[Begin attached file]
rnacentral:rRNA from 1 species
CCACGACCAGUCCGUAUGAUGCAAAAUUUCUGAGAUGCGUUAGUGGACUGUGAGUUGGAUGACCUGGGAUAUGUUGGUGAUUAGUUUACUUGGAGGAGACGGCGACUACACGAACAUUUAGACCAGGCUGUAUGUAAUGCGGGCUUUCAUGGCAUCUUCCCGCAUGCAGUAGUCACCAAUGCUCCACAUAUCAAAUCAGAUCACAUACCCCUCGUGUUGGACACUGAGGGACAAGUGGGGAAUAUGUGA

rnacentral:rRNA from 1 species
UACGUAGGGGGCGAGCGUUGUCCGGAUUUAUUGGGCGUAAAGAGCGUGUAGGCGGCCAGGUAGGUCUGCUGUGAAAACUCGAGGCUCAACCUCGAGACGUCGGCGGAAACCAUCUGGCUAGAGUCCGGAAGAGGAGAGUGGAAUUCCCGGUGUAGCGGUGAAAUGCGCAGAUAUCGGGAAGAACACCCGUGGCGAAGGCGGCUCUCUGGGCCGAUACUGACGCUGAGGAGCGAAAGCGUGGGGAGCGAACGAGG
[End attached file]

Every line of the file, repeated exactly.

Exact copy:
rnacentral:rRNA from 1 species
CCACGACCAGUCCGUAUGAUGCAAAAUUUCUGAGAUGCGUUAGUGGACUGUGAGUUGGAUGACCUGGGAUAUGUUGGUGAUUAGUUUACUUGGAGGAGACGGCGACUACACGAACAUUUAGACCAGGCUGUAUGUAAUGCGGGCUUUCAUGGCAUCUUCCCGCAUGCAGUAGUCACCAAUGCUCCACAUAUCAAAUCAGAUCACAUACCCCUCGUGUUGGACACUGAGGGACAAGUGGGGAAUAUGUGA

rnacentral:rRNA from 1 species
UACGUAGGGGGCGAGCGUUGUCCGGAUUUAUUGGGCGUAAAGAGCGUGUAGGCGGCCAGGUAGGUCUGCUGUGAAAACUCGAGGCUCAACCUCGAGACGUCGGCGGAAACCAUCUGGCUAGAGUCCGGAAGAGGAGAGUGGAAUUCCCGGUGUAGCGGUGAAAUGCGCAGAUAUCGGGAAGAACACCCGUGGCGAAGGCGGCUCUCUGGGCCGAUACUGACGCUGAGGAGCGAAAGCGUGGGGAGCGAACGAGG